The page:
I don't really know why I'm posting this, except this is my blog and this article got under my skin, and if I can't rant here, where do I rant??
So I am still perusing my last week's Entertainment Weekly, which I missed over vacation, and which came resplendent with vampires on the front cover. I am not a vampire girl. I have to say I don't think I've even read a vampire book before - not even Twilight. I'm not sure I've even seen a vampire movie, with the exception of Interview with a Vampire, which is just 2 hours of my life I've resolved I will never get back.
So that said, there is an interview with a vampire writer in the EW, a woman named Laurell K. Hamilton. I've never heard of her, but seeing as that isn't really my genre, that isn't surprising. What is surprising to me was her answer to a question about Stephanie Meyers.
I've gotten used to hearing a lot of flack about how Stephanie Meyers is a lousy writer, and the controversies over whether or not Bella makes a decent role model for girls, but this one actually made the hairs on my neck prickle.
The question asked is what she thinks of the Twilight phenomenon.
Stephanie Meyers has come and she's taken the genre that I sort of pioneered... She took out a lot of the sex and violence, especially for the first book. My readership is both male and female, but Twilight is very much a girls' book. I ask people, Why has this really captured you? What I heard from all ages is that it was very romantic that he was willing to wait for her and that there was no sex. They like the idea that [Bella] was like the fairy princess and [Edward] is the handsome prince that rides in and saves her. The fact that women are so attracted to that idea - that they want to wait for Prince Charming rather than taking control of their own life - I find that frightening.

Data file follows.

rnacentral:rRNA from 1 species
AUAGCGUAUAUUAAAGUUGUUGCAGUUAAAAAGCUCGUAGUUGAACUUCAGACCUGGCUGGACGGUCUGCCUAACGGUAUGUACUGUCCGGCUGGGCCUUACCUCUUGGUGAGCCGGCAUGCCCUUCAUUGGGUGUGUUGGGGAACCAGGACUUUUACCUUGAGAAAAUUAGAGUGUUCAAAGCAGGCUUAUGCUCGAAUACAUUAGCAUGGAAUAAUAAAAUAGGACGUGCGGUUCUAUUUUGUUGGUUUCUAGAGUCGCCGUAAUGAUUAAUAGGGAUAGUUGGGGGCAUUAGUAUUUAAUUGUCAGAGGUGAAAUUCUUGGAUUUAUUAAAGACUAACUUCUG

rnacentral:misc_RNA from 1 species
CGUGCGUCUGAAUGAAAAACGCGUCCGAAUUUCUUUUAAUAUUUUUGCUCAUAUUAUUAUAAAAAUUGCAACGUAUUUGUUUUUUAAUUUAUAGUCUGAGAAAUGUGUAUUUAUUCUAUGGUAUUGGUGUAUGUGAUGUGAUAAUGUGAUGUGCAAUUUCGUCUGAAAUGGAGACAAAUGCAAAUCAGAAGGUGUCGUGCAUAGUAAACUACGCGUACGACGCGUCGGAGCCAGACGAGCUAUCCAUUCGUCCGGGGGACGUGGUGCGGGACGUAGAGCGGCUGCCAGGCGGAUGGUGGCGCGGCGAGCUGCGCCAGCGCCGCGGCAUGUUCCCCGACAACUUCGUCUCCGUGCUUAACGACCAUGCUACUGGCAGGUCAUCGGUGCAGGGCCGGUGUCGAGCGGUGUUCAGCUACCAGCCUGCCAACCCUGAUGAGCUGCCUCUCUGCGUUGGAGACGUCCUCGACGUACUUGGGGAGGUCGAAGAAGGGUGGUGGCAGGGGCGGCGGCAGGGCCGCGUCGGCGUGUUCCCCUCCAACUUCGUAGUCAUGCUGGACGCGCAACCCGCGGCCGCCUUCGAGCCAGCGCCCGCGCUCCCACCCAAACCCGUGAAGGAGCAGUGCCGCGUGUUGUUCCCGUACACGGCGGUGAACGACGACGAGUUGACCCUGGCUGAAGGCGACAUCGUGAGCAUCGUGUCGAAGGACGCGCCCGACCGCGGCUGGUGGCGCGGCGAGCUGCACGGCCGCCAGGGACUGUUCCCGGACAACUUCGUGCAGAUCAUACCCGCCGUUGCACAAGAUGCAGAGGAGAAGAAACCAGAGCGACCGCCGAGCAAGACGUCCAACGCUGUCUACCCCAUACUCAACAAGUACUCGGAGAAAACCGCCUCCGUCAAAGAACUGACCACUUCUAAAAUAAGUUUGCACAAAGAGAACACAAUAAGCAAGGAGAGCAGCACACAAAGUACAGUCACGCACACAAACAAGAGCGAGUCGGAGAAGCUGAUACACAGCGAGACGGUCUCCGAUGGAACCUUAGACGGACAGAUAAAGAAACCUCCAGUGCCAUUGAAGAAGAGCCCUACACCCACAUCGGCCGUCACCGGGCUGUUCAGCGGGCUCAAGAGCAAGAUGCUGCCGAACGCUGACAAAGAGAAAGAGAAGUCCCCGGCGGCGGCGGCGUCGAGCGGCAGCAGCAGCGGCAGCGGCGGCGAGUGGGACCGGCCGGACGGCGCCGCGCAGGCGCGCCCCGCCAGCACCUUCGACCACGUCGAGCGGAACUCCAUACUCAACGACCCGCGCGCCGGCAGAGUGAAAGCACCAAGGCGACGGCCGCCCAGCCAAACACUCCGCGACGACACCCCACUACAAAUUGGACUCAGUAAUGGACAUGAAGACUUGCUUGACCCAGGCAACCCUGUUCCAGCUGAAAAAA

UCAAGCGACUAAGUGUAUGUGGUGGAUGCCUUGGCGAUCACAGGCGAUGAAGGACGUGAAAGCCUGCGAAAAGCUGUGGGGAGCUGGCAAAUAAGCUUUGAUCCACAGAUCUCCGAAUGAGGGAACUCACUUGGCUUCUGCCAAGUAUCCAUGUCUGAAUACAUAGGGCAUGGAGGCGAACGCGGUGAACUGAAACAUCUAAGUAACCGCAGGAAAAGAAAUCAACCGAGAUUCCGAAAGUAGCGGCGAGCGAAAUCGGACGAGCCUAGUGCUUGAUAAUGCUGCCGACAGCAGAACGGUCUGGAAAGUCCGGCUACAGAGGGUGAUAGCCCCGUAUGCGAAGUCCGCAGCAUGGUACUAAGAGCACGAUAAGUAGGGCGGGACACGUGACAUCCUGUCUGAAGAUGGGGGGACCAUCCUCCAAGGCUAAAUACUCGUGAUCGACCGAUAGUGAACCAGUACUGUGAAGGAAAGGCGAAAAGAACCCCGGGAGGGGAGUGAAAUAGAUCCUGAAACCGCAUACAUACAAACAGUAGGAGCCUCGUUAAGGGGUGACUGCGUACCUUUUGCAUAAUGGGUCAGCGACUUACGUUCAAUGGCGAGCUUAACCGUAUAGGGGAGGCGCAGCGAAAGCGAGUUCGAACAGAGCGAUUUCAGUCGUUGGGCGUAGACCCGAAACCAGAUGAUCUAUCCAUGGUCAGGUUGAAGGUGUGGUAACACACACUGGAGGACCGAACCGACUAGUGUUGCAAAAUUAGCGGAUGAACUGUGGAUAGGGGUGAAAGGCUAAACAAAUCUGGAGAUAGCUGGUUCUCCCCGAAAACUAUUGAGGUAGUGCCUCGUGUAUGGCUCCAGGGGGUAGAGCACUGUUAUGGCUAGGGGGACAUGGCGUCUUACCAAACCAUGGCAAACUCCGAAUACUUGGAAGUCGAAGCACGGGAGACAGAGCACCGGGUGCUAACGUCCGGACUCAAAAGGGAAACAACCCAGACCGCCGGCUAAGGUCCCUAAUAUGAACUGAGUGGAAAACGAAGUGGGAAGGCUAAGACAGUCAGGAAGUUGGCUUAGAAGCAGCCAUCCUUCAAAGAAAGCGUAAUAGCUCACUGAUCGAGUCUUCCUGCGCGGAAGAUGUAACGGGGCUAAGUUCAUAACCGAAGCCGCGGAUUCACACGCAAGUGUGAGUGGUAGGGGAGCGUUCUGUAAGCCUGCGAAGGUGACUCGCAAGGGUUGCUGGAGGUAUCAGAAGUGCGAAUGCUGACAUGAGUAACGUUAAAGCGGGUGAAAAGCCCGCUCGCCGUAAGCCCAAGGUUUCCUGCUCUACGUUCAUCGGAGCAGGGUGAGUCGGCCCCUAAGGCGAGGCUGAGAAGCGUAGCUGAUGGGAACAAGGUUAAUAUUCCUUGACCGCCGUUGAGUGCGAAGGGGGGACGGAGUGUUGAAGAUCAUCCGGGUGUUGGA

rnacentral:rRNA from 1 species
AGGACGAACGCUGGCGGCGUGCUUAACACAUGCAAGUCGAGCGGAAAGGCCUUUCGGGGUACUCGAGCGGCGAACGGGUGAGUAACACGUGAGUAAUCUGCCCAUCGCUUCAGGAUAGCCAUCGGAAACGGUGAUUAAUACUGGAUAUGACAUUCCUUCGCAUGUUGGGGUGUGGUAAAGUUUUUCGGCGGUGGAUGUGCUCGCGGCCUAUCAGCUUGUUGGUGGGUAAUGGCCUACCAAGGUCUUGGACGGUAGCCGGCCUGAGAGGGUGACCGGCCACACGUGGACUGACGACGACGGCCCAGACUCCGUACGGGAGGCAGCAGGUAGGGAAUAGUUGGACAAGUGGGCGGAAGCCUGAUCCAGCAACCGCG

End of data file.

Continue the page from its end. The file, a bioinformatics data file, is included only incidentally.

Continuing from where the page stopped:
I do get it - that feminism has made it acceptable for females to go after what they want. But what if what they want is a Prince Charming? Why is it no longer acceptable for a girl to decide she wants to wait for sex, or wants to wait for the perfect guy, or wants to be saved? Don't we all, in some way, want someone to save us, even as we are setting out boldly to blaze our own path?
I'm frustrated that as more options become viable, the acceptability of others close. We don't really have more acceptable choices now - we just have different ones.
It's not just that this author doesn't agree... she finds it frightening. As though to wait for something, to choose a different path, threatens her choices in life. It annoys me that she seems to claim ownership to this genre - though clearly vampires have been around much longer - and is angry that someone else might have a different take on it.
Isn't that the joy of books and reading... that there is something for everyone? Isn't it great that there are sexy, dark vampires for adults, and gentler, softer ones for younger readers? Isn't it great that women get to go after whatever career they want, or stay home with their kids? Isn't it awesome that women get to be strong and independent and powerful, and still be feminine and curl up under a man's arm at night, and let him empty the mouse trap and unclog the plumbing?
What, really, is so frightening about that?